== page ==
During aninut, a person is forbidden to perform positive commandments, including putting on phylacteries, saying the Shma prayer, etc., so that he can concentrate on the funeral arrangements (for example, an onan performs the ritual handwashing, but does not recite the blessing for it; eats and does not recite the blessings before and after eating; does not recite the blessing after defecating and urinating, and does not answer "Amen" when hearing a blessing or a recital of the Kaddish prayer. When arriving at the cemetery, he does not recite the "Who created you in judgment" prayer. The onan recites Kaddish during the funeral. An onan is forbidden to eat meat or drink wine at this time. An onan is also forbidden to bathe, have his hair cut, or greet people by saying "shalom." An onan must not leave his house other than to handle the deceased's affairs. Since close relatives are forbidden to work during the shiva period following the burial, if one of them has a business and will suffer severe financial loss by closing it during the shiva, it is permitted under Jewish law to operate the business by selling it for a short period. This should be done in consultation with a rabbi before the burial.
Aninut on the Sabbath and Religious Festivals
Aninut applies only to weekdays. A person whose close relative died shortly before the beginning of a Sabbath or religious festival, when the funeral takes place after that Sabbath or festival, is obligated by the Jewish laws applying to aninut until the Sabbath or festival begins, then recites the prayer for the afternoon preceding a Sabbath or festival. At the end of the Sabbath or religious festival, the laws for aninut again apply to him until the burial, and he therefore does not recite the evening prayer following a Sabbath or festival or the Havdalah prayer. Following the Sabbath or religious festival, he does, however recite, "Blessed are You, oh Lord, Who distinguishes between the sacred and the profane." Following the burial, he is obligated to recite the Havdalah prayer by Tuesday following a Sabbath. but only by the following day Following a religious festival, however, Havdalah can only be recited on the next day. An onan is forbidden to engage in intimate relations and to study Torah on the Sabbath or a religious festival. On the Sabbath and religious festivals, however, he is permitted to study the Torah portion for the week, the laws of mourning, and Jewish subjects that do not cause him joy, and is allowed to sing hymns for the Sabbath and religious festivals, eat meat, and drink wine.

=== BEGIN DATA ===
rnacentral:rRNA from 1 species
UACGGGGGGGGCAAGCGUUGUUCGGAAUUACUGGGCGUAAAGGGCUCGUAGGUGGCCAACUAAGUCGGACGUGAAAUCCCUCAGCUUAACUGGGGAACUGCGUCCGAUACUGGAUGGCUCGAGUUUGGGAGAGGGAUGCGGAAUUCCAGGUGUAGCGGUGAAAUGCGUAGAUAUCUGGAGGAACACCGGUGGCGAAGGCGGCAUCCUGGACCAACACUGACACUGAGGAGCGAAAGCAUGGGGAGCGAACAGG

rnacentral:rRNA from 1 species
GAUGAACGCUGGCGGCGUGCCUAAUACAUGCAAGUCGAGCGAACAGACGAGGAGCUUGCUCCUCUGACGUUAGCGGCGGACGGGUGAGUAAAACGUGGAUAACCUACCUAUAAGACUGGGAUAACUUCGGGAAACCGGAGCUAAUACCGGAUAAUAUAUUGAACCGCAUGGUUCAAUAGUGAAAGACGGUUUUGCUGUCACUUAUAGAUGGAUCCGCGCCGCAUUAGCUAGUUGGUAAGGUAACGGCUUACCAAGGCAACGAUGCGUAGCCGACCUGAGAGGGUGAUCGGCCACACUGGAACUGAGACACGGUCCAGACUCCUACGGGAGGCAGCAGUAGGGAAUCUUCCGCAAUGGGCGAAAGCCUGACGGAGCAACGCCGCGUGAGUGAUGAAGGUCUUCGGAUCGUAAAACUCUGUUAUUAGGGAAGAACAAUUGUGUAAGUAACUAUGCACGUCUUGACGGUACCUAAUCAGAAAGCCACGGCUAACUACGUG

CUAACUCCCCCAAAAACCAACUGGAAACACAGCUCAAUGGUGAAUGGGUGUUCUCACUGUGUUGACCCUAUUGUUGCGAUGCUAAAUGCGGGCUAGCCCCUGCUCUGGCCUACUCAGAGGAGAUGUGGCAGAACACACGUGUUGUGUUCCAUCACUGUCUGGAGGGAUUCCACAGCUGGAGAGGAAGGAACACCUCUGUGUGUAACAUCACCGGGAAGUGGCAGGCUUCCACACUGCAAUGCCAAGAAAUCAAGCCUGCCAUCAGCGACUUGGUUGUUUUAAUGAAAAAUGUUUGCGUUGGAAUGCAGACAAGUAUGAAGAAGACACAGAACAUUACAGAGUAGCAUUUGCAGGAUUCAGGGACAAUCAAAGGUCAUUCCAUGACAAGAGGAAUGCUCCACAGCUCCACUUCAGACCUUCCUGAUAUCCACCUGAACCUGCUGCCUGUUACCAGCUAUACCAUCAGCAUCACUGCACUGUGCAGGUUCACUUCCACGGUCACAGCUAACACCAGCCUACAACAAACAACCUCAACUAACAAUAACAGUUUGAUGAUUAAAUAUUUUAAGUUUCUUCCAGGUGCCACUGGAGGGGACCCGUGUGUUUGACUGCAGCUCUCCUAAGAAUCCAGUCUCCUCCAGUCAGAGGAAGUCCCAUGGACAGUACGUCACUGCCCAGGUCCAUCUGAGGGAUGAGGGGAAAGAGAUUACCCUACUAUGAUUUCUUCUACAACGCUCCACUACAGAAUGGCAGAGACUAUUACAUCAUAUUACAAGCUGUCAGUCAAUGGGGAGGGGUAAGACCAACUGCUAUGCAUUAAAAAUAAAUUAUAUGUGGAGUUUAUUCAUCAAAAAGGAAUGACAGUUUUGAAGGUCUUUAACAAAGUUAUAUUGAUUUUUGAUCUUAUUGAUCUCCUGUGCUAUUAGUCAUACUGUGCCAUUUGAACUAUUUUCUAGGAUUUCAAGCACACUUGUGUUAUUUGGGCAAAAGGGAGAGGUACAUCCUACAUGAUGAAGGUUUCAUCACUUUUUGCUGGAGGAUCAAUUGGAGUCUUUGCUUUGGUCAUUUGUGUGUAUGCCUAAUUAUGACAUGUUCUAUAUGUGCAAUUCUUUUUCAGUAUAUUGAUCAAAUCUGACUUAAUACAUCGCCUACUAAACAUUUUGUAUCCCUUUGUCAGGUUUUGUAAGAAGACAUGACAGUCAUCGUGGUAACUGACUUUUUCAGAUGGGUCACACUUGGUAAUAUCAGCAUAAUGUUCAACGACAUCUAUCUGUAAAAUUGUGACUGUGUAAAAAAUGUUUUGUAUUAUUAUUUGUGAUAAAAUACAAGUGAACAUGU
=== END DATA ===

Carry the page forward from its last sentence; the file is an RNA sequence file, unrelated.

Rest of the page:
Praying by an Onan on the Sabbath
Sitting in the synagogue – an onan should not sit in his regular seat.
Recital of Kaddish on a Sabbath during aninut depends on custom; in most Jewish communities, an onan recites Kaddish on the Sabbath.
Cohens' blessing – if the onan is a cohen, he must step outside the synagogue before the blessing begins without reciting it.
Leading prayers and being called up to the reading of the Torah – an onan is not called up to the Torah reading, and does not lead the prayers.
Aninut on Holidays
The laws of aninut apply to the intermediate days of religious festivals.
The law of aninut apply to Yom Kippur. Meat and wine must be avoided, but an onan is allowed to immerse in a mikveh before the holiday.
An onan is allowed to build a sukkah for the Sukkot festival.
An onan is forbidden to recite the Tikun prayer on the eve of Hoshanah Raba.
The aninut laws also apply on Hoshanah Raba.
On Simchat Torah, an onan can circle the Holy Ark, but is forbidden to dance.
On Simchat Torah, an onan is permitted to read and study "Vezot Habrachah," the last portion in the Torah.
Some rulings allow an onan to be called up to the Torah reading on Simchat Torah.
An onan should ask one of his family members in his household to light the candles on Hanukah. If no family members are capable of lighting the candles, the onan should light them himself, but without saying a blessing.
On the first day of Hanukah after aninut, the mourner should recite the Shehecheyanu blessing.
If the burial is after Purim, the law of aninut do not apply to the mourner.
If the burial is on the eve of Purim, the onan should listen to the recital of the Megillah. If he has enough time following the burial, he should read the Megillah again without a blessing.
An onan is forbidden to eat meat and drink wine on the eve of Purim until the burial.
If the burial is during the day, the mourner is obligated to perform all of the commandments on the eve of Purim (the Shma prayer, the Amidah prayer, and reading the Megillah). On the day of Purim, the mourner should hear the Megillah. If he has enough time following the burial, he should read the Megillah again without a blessing.